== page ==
Concerning the video, the journalist sure was savvy to military knowledge to me, maybe previous experience? And the young lad being interviewed, my son’s exact age, gave a deeper insight to that bloody, insane war. Nice piece, Paul. Too bad about the Mriya.

  7. AN-225 embodied “the Russians” long held aviation practice of making behemoths. I remember all the oversized planes they made between the wars. I can’t imagine what maintenance woul be on that thing.

  8. If it turns out that Mriya was taken out by Ukrainian artillery, the blame still lies with the Russians. Without the invasion, none of this would have happened.

  9. As for aircraft I flew that crashed with fatalities: there are two that I know of for me. Both at the same flight school in Arizona. C152 for CFI spin training was lost when the candidate pushed the nose over in a panic or deliberate suicide. The CFI was smaller and couldn’t pry the controls.

    The other a Seminole crashing into a CA mountain after descending on ATC instruction intended for another company Seminole with the exact same abbreviated call sign. There were multiple company Seminoles on that trip that day all doing Route training going to the same city. Tragic when two young souls were lost.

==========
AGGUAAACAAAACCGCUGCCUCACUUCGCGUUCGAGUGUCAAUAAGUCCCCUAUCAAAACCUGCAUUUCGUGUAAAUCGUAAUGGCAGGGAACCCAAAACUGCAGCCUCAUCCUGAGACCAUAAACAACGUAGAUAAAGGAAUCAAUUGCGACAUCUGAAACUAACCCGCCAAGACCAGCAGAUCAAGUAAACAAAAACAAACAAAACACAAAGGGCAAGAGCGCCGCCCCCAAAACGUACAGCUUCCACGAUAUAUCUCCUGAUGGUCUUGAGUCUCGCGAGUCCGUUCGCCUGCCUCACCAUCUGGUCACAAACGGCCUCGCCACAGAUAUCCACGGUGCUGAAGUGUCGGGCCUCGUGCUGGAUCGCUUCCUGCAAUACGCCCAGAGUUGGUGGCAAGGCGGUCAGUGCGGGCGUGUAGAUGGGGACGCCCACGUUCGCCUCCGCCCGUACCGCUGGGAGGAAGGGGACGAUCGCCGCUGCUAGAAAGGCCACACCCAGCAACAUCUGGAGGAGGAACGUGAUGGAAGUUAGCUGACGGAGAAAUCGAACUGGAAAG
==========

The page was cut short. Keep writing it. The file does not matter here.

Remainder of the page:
10. Thanks for writing that, Paul. It was a day/visit to remember. The recent photo is awful for those of us who saw this gargantuan aircraft in its glory. John loved chatting up the crew in the cockpit and he’d spent a lot of time transiting Soviet airspace for JAL in his Whale. The trip was memorable for other reasons, it was before John bought his pristine V-tail, and he hadn’t flown light GA in many years. His eyes were calibrated at 74- height John was clearly uncomfortable with the height of flaring the Archer I owned as we flew to pick you up and then on to BDL (well, maybe it wasn’t just the height of the flare that raised his spidey-sense to DefCon5???). Good times!

  11. As for aircraft I’ve flown that were later destroyed, a 1981 Piper Warrior. I flew it with my mother in the morning and in the afternoon it was a pile of aluminum in a field after snagging a powerline with the gear. The pilot survived but with significant injuries and a long recovery.

  12. “I don’t know why, but it impacted me emotionally to see it in that state.” Perhaps because it was worthy of respect. Still thinking about it.